If you must have a “real” Christmas tree this season, we strongly urge you to adhere to the many recycling efforts available. Most local governments and municipalities participate in tree curbside pickups for compost and mulching. If this is not available, there are other great ideas that are sustainable. Using your tree for firewood has mixed reviews – please make sure you do this correctly as you could ruin your chimney (see this page for details on the dangers). There is always the easy option of throwing the tree into your backyard for your own composting. This will, in time, improve your own garden. Mother Earth News gives a few great suggestions: in the winter, you can use the tree branches to protect your delicate garden and use the trunk as a post or bench. You could also throw the tree in your lake or pond – the wildlife will thrive.
The other option is buying an “artificial” or plastic Christmas tree. Artificial trees can be reused year after year, without waste as a whole, but these trees cannot be recycled further due to their iron and plastic structure (though there are other materials used, e.g., aluminum). Also they contain PVC (polyvinyl chloride) and the production process may use a small amount of lead. While the risk of lead poisoning is low, it increases as trees age. Though recent regulations have made trees safer.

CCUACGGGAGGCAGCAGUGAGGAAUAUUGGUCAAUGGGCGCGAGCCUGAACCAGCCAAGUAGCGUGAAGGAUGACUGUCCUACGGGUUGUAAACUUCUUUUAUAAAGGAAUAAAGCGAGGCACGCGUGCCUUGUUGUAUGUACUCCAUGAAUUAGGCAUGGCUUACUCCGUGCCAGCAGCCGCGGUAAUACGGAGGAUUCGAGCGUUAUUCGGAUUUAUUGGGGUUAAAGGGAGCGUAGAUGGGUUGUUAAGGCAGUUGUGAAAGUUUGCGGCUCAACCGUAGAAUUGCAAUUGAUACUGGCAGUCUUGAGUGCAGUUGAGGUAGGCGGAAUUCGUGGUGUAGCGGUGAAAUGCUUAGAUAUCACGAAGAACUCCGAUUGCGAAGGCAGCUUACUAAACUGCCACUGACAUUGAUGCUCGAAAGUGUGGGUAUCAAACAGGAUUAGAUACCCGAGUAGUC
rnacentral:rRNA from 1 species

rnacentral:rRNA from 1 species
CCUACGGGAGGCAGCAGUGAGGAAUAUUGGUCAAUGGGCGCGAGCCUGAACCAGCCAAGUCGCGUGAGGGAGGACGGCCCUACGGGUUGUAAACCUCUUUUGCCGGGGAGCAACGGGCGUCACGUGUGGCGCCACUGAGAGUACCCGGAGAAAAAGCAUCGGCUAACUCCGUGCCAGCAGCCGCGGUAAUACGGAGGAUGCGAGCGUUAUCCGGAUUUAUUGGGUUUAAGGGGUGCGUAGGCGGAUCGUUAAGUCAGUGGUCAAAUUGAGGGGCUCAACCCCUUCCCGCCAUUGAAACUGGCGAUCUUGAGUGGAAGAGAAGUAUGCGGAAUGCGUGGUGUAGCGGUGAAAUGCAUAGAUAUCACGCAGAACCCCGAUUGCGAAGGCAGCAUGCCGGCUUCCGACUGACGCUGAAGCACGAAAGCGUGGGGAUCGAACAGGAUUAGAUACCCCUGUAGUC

In conclusion, we find freshly cut Christmas trees not to be as socially responsible as some of the alternatives, such as renting or purchasing potted or artificial Christmas trees. As we like to present other opinions, Justmeans, a Sustainability website, did a write-up (Sustainability and Christmas Trees: Let’s Get Real) not too long ago stating real trees are the way to go. If you must have a freshly cut tree, please utilize one of the recycling methods above to retain some sustainability. Happy Holidays!
SRI, Socially Responsible trees, sustainability, Green Christmas trees.
|Source: Nick Ut at the Associated Press|
Recently a smug investor asked me, “What’s SRI good for other than making one feel less guilty about living a fancy lifestyle.” After hearing that remark, I was really angry repeating it over and over in my mind.